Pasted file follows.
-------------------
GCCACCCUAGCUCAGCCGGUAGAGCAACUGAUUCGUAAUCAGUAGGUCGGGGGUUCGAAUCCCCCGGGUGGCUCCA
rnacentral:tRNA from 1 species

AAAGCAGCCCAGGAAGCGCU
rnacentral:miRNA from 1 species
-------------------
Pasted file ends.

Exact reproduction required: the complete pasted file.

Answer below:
GCCACCCUAGCUCAGCCGGUAGAGCAACUGAUUCGUAAUCAGUAGGUCGGGGGUUCGAAUCCCCCGGGUGGCUCCA
rnacentral:tRNA from 1 species

AAAGCAGCCCAGGAAGCGCU
rnacentral:miRNA from 1 species